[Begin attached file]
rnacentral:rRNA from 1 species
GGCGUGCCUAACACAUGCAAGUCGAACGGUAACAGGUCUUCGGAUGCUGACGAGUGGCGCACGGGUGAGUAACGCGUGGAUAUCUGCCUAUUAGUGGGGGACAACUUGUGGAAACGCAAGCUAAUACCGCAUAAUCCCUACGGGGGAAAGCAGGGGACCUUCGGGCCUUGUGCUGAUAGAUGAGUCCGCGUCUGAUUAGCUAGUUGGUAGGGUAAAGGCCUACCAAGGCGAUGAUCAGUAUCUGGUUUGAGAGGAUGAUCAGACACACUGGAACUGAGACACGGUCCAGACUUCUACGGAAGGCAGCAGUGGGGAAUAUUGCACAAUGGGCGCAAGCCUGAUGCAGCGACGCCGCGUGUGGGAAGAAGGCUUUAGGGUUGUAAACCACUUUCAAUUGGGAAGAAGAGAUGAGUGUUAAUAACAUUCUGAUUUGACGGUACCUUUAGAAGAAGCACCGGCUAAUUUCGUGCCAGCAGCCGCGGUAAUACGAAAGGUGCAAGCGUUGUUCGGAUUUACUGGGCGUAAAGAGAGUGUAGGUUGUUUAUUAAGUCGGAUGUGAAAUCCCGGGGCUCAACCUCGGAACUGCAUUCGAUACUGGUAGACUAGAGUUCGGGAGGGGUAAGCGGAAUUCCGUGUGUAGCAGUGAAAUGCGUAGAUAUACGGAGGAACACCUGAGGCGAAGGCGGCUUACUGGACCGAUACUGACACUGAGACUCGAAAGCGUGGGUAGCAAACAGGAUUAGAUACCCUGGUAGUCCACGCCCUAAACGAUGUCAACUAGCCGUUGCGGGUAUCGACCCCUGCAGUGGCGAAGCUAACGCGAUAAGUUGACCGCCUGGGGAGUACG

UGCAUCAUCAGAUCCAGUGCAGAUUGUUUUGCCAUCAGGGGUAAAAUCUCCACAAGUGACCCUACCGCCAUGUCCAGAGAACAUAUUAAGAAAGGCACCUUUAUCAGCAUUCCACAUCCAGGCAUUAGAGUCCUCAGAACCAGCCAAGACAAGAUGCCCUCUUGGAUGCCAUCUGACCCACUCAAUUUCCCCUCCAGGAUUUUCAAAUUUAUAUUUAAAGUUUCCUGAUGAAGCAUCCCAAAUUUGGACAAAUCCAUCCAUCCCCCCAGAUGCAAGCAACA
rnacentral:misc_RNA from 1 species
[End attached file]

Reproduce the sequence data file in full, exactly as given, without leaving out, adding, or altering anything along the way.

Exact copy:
rnacentral:rRNA from 1 species
GGCGUGCCUAACACAUGCAAGUCGAACGGUAACAGGUCUUCGGAUGCUGACGAGUGGCGCACGGGUGAGUAACGCGUGGAUAUCUGCCUAUUAGUGGGGGACAACUUGUGGAAACGCAAGCUAAUACCGCAUAAUCCCUACGGGGGAAAGCAGGGGACCUUCGGGCCUUGUGCUGAUAGAUGAGUCCGCGUCUGAUUAGCUAGUUGGUAGGGUAAAGGCCUACCAAGGCGAUGAUCAGUAUCUGGUUUGAGAGGAUGAUCAGACACACUGGAACUGAGACACGGUCCAGACUUCUACGGAAGGCAGCAGUGGGGAAUAUUGCACAAUGGGCGCAAGCCUGAUGCAGCGACGCCGCGUGUGGGAAGAAGGCUUUAGGGUUGUAAACCACUUUCAAUUGGGAAGAAGAGAUGAGUGUUAAUAACAUUCUGAUUUGACGGUACCUUUAGAAGAAGCACCGGCUAAUUUCGUGCCAGCAGCCGCGGUAAUACGAAAGGUGCAAGCGUUGUUCGGAUUUACUGGGCGUAAAGAGAGUGUAGGUUGUUUAUUAAGUCGGAUGUGAAAUCCCGGGGCUCAACCUCGGAACUGCAUUCGAUACUGGUAGACUAGAGUUCGGGAGGGGUAAGCGGAAUUCCGUGUGUAGCAGUGAAAUGCGUAGAUAUACGGAGGAACACCUGAGGCGAAGGCGGCUUACUGGACCGAUACUGACACUGAGACUCGAAAGCGUGGGUAGCAAACAGGAUUAGAUACCCUGGUAGUCCACGCCCUAAACGAUGUCAACUAGCCGUUGCGGGUAUCGACCCCUGCAGUGGCGAAGCUAACGCGAUAAGUUGACCGCCUGGGGAGUACG

UGCAUCAUCAGAUCCAGUGCAGAUUGUUUUGCCAUCAGGGGUAAAAUCUCCACAAGUGACCCUACCGCCAUGUCCAGAGAACAUAUUAAGAAAGGCACCUUUAUCAGCAUUCCACAUCCAGGCAUUAGAGUCCUCAGAACCAGCCAAGACAAGAUGCCCUCUUGGAUGCCAUCUGACCCACUCAAUUUCCCCUCCAGGAUUUUCAAAUUUAUAUUUAAAGUUUCCUGAUGAAGCAUCCCAAAUUUGGACAAAUCCAUCCAUCCCCCCAGAUGCAAGCAACA
rnacentral:misc_RNA from 1 species